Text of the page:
Disclosure of Conflict of Interest at the Annual Meetings of the Japanese Cancer Association
In cancer studies derived from industry-academic collaboration, there are not only benefits to society from the outcomes of research (public interest) but also money, status, rights and other benefits (private interest) that may be entailed. If these two types of benefits coincide with an individual researcher, it is called conflict of interest.
The Japanese Cancer Association (JCA) asks speakers at the annual meetings of the JCA to disclose their status of Conflict of Interest (COI) to ensure the fairness of presentations of studies at the meetings, according to ‘JCA Detailed Regulations on the Handling of Conflict of Interest’, which started from 2009 and was revised in April 2011.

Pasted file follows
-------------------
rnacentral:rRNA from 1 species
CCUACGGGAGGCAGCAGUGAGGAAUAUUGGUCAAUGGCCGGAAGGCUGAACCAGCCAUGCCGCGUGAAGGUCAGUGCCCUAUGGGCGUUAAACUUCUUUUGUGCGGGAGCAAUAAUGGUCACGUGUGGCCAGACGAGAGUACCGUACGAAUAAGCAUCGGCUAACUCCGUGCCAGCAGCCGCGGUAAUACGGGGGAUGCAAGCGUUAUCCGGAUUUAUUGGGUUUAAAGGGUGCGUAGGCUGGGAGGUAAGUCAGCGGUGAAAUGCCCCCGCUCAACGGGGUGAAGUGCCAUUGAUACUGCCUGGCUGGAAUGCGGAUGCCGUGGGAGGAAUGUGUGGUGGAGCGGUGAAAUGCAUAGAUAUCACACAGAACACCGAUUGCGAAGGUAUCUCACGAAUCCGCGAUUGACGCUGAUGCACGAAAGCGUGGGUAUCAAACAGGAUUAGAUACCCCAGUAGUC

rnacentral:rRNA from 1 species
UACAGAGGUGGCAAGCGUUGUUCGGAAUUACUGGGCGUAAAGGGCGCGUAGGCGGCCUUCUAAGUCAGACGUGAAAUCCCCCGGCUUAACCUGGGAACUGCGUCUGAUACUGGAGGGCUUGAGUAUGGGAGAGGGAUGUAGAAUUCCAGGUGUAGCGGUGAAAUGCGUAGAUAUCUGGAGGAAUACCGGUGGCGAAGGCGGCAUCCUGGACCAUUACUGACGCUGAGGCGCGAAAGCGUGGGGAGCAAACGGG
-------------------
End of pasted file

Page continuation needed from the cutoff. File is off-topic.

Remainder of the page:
Since the 2011 annual meeting, the Japanese Cancer Association has received self-reports on conflict of interest not only in clinical research but in all research including basic research.
When the lead presenters submit an abstract, please check whether or not there are conflicts of interest with a company or for-profit group related to the subject of the presentation. If there is a COI, you should disclose your status of COI within the past 3 years on the COI Disclosure Form. (Co-presenters do not need to make a disclosure.)
Please note that the declaration of COI status is required when you submit your abstract to the The 71st Annual Meeting of the Japanese Cancer Association.
For more details, please access the abstract registration website and check whether or not there is a COI related to your presentation. You should also disclose your status of COI during your presentation at the annual meeting (either slide or poster presentations).
Please refer to the following Detailed Regulations for more information.